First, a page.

For Better Baby Sleep, Follow Their Lead

The weeks after delivering my first baby were a blissful blur. My husband and I spent most of our time in awe of her, marveling at our little miracle. Unfortunately, we couldn’t ignore a very real concern: would we ever sleep again?

Desperate for quality rest, I spent hours gathering insights from friends, our pediatrician, various sleep training programs and the book Secrets of the Baby Whisperer. Ultimately, we cobbled together a winning combination. It was a plan focused on eating, playing, sleeping, and letting our baby lead the way by observing her cues. This ultimately led to better baby sleep.

We got the green light from our pediatrician, and by the time she turned three months old, she was sleeping twelve hours straight overnight.

This was our journey.


Making sure your baby has had enough to eat is the most critical component of any sleep training approach. At three months old, we created a feeding schedule based on how much she needed per day: 28 ounces. Note: Since our baby happily drank breastmilk and formula from a bottle, we had the luxury of knowing exactly how much she was consuming. While not impossible, I acknowledge this would be much more challenging for an exclusively breastfed baby.

We started every day at 7am (even if it meant setting an alarm 😖). We offered her 5 ounces at 7am, then again at 10am, 1pm, 4pm, and finally 6 ounces at 6pm. The extra ounce and shorter time frame at the end of the day was designed to “tank her up” right before bed to help her sleep deeply all night.

By bedtime, we could safely rule out that she was hungry, as long as she wasn’t giving us hunger cues. Her cues were rooting or consistently hysterically crying after her bottles were finished. Since she was getting what she needed during the day, we just had to break her of the habit of waking up and eating solely for comfort purposes.

Learning Her Cries

At first, every cry sounded the same to me. I started studying them for at least 10 minutes at a time, looking for cues that she actually needed help (if cries escalated into urgent screams) or if she was going to fall back asleep (when cries became softer and more rhythmic).

So, if she cried out at 2AM, we were slow to act. We knew she was fed, safe, clean, and loved. All we had to do was stay strong and listen to determine if she actually needed our help. After letting her cry for 10-15 minutes, she usually stopped. It’s not easy to lay there and listen to your baby cry. But she consistently showed me that she could self soothe. Those experiences gave me the reassurance I needed to continue letting her cry it out.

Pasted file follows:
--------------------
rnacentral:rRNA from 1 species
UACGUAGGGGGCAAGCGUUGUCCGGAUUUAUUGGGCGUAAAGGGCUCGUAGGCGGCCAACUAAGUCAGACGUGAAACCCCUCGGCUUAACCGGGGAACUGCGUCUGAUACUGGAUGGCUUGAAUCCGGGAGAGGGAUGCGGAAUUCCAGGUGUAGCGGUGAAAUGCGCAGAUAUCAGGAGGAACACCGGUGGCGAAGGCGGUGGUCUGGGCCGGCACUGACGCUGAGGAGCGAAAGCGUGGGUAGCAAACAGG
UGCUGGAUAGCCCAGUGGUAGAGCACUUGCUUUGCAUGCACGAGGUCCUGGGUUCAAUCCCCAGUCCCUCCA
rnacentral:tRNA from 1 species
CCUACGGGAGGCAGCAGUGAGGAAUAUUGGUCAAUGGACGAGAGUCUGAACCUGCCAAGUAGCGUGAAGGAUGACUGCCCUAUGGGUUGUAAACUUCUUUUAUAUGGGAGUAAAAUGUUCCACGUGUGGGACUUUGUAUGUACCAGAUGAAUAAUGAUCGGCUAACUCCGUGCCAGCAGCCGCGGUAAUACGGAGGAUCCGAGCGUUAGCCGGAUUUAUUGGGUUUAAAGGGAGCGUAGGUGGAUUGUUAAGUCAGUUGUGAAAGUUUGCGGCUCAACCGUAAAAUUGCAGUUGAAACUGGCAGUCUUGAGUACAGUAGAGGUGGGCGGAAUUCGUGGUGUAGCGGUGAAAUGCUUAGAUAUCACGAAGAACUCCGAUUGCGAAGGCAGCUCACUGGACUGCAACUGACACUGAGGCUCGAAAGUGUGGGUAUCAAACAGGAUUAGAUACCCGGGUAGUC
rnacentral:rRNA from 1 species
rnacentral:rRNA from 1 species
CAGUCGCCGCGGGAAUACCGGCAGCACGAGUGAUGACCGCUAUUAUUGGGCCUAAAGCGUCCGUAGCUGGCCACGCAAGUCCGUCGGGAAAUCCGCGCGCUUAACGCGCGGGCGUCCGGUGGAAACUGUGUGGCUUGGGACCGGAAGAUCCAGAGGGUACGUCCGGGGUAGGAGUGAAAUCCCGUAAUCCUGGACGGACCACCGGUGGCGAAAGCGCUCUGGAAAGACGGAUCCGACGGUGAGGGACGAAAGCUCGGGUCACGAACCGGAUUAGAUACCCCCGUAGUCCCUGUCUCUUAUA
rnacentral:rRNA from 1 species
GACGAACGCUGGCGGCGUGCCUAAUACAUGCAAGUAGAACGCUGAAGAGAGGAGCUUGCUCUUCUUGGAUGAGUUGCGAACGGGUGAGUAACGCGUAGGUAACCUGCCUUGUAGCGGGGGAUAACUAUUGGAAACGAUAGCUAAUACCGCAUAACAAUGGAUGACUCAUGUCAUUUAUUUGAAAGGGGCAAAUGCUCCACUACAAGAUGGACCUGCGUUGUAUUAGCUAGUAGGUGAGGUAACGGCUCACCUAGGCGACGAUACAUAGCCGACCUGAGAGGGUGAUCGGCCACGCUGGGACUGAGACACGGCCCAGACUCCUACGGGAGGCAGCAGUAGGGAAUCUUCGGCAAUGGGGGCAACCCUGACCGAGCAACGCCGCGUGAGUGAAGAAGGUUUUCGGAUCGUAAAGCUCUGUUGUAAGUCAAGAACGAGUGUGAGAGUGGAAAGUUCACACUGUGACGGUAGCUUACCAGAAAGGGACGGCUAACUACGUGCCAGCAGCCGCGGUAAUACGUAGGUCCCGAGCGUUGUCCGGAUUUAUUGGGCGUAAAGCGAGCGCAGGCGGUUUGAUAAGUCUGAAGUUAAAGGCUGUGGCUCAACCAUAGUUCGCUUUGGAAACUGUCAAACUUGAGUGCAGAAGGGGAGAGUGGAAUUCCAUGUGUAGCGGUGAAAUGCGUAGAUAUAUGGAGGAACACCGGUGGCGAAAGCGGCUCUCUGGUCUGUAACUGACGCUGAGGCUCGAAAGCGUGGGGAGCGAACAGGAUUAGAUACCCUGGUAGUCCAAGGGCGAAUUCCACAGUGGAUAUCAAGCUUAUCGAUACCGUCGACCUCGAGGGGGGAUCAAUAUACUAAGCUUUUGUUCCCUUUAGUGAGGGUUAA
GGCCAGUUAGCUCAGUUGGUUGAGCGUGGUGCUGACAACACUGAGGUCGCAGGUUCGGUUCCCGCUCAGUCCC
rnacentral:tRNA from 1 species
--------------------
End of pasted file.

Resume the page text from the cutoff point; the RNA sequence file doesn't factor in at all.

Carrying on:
We intentionally never fed her right before going to sleep. Instead, we created activity (or play) time in between feedings.

Activity was as simple as a diaper or clothing change when she was very young, and now looks more like true play time as she has become an older, more active baby. During play we carefully looked for sleepy cues. Cues like slowing down while playing, not lifting her head as high during tummy time, and staring off into the distance. We discovered she was overtired if she was already rubbing her eyes. She was more likely fight sleep at that point. The sleepy cues helped us avoid an overtired state.

By three months old, she would stay awake roughly 60-90 minutes before laying down for a nap in her crib. Even if she was wide awake, I’d swaddle her, lay her down and leave the room. Even if she started crying, I’d leave for at least 10 minutes to give her a chance to settle on her own. Naps lasted anywhere from 45 minutes to 2 hours. We never exceeded 2 hours to guarantee she would be up in time for her next feeding, and she would be sleepy enough by bedtime.

In the end, better baby sleep came once we created controls for all variables. We worked hard to develo a consistent routine and actually listened to what our baby was trying to communicate. Every baby is different, so what worked for my family may not work for yours. However, if you are reading this with bleary eyes and coffee breath, desperate for your own solution, I have high hopes my story will help you.

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